I first read this book quite a few years ago. The concept was certainly intriguing--everyone you know or know of from your lifetime or history is resurrected along the banks of a river that makes the Amazon look like spring runoff. I really enjoyed Sir Richard Francis Burton as the protagonist through the series and enjoyed appearances by other characters like Samuel Clemens (aka Mark Twain) and Hermann Goering. How everyone reacts to conditions both more advanced that they had known during life and also more primitive makes for an excellent series.
I hope that we get the rest of these books in the near future and that the World of Tiers series comes about, too.
This book has been one of my favorites since I was a teenager and has been a constant re-read over the years. I've always liked the story line and the fast-paced action. When I first saw this book, I was hesitant to buy because of the reader. I was unsure of Mr. Pinchot's ability and I know how bad readers can really destroy a good book. All I can say after listening is: Oh My Goodness! I have moved Mr. Pinchot into my top readers group. The only one ahead of him is Jim Dale, and it's a close race. His characterizations are spot on, and greatly enhance the story line. This book, read as it is, makes fabulous entertainment. This will be in my short list of re-listens. If you're new to Poul Anderson definitely listen to a great author. If you're new to Mr. Pinchot as a reader, definitely listen to this.
I read this book when it was first published and truly enjoyed it. I was ecstatic when it was available here. I had my first letdown when the reader hit his first female voice. I had to stop working to see if I had inadvertently switched to a Monty Python recording. Most of the women in the book are made to sound as if they'd jumped right out of a Monty Python skit.
Don't get me wrong, the reader is truly talented for his male voice range, he should either put a lot of work on the female voices he does, or just quit trying to sound female. Other readers can do it, and for someone of his talents otherwise, it might be the best bet.
My other problem with the book has already been mentioned: the pronunciation of "Manitcoran." Apparently, I'm going to have to endure this for any of the "Honorverse" books that come out.
The book easily rates 5 stars. This is Weber at his best with complex plots and characters from all over the galaxy conspiring to bring harm to the star kingdom. I had to knock off 1 star for the reader. After listening long enough, you can get used to the cringe-inducing female voices and just enjoy the story.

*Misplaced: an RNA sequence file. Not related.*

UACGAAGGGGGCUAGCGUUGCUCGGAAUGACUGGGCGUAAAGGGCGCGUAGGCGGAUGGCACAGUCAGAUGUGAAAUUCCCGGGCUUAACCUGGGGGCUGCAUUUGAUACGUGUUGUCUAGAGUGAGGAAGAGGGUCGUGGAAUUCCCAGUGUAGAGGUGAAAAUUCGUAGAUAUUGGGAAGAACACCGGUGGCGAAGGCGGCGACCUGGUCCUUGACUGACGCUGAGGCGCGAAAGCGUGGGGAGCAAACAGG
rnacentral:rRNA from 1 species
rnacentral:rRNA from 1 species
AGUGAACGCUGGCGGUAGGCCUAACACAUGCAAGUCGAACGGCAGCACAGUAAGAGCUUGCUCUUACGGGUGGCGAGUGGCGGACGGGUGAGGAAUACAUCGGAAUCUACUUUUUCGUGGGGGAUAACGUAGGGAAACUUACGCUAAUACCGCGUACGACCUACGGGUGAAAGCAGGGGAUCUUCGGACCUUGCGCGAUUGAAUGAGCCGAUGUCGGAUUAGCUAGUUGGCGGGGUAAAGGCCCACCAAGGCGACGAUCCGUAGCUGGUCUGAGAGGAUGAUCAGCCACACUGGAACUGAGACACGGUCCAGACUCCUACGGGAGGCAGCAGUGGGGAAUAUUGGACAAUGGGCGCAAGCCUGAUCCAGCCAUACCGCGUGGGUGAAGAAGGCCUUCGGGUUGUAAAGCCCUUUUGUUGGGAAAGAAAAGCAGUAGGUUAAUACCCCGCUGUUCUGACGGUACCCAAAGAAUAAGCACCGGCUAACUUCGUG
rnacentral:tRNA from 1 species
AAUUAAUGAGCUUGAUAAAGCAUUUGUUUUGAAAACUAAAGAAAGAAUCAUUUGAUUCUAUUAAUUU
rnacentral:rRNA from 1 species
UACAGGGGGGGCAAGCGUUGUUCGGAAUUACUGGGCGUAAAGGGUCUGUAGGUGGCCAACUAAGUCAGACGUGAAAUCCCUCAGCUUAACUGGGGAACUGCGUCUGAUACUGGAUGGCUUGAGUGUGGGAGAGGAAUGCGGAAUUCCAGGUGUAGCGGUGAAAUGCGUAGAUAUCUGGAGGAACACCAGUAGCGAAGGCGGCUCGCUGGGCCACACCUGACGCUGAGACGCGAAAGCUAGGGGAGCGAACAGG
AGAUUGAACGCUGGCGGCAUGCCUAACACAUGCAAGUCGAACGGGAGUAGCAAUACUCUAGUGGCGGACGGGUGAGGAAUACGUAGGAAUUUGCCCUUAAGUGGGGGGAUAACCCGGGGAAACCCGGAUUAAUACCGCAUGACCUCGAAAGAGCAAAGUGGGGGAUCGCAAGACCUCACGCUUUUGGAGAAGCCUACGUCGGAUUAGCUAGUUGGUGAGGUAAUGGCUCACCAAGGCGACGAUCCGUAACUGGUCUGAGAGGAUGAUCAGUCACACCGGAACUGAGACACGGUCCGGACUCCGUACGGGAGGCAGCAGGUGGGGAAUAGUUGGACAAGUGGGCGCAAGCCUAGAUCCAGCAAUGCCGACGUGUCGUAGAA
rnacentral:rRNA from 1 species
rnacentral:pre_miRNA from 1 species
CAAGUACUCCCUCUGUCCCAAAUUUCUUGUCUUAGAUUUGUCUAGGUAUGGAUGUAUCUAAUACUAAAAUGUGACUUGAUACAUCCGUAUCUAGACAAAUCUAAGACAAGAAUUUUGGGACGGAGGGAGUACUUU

I have everything David Weber has written either as a real book (he's classed as "Buy In Hardbound", which few authors in my library have achieved) or eBook. The book is great. It's an extremely good series about Honor's rise to prominence over her career. That's the good part.
The bad part: the narrator. For the love of all that's holy, is it impossible for these readers to know their subject material? How this one reconciles the pronunciation between Manticore and Manticoran is beyond me. There are other similar issues, but this one is like a knife to the ears every time. Some of here characterizations are crazy. In a universe set hundreds of light years from Earth, where do all these French and Cockney accents come from?
I've already resigned myself to having to live with this, since I'm determined to own the series. Please, producer, remember that there's a difference between being able to read and doing so competently. This one falls far short. My rating is for the story. The reader should be given one star. Or maybe even go into negative territory.
This is one of my favorite later works of Heinlein. I purchased the original version with a male reader that left quite a bit to be desired. This reader seemed to portray the book substantially better... until the deadly words were encountered.
Please, readers, try to familiarize yourself with terms in science and, if necessary, military and quasi-military. The thing that kills an audio book worse than anything else is when the reader hasn't a clue what they're reading. The most egregious example of this in this book was the substitution of the word "commandment" for the title of "commandant". There were other instances, but this one just stuck out like the proverbial sore thumb.
If you can grit your teeth and avoid rolling your eyes (especially if listening while driving) when one of these goofs occurs, then the rest of the book is actually quite passable and well done.
I heard a short review of this book on a podcast and immediately picked it up. It's everything that the review led me to believe--an well-told story. The author keeps the story moving and coherent throughout the book. I didn't stumble in any plot holes, and the book followed a logical progression. The narrator also did a good job bringing the book to life. I'm looking forward to the next volume and hope that Audible picks up the others.
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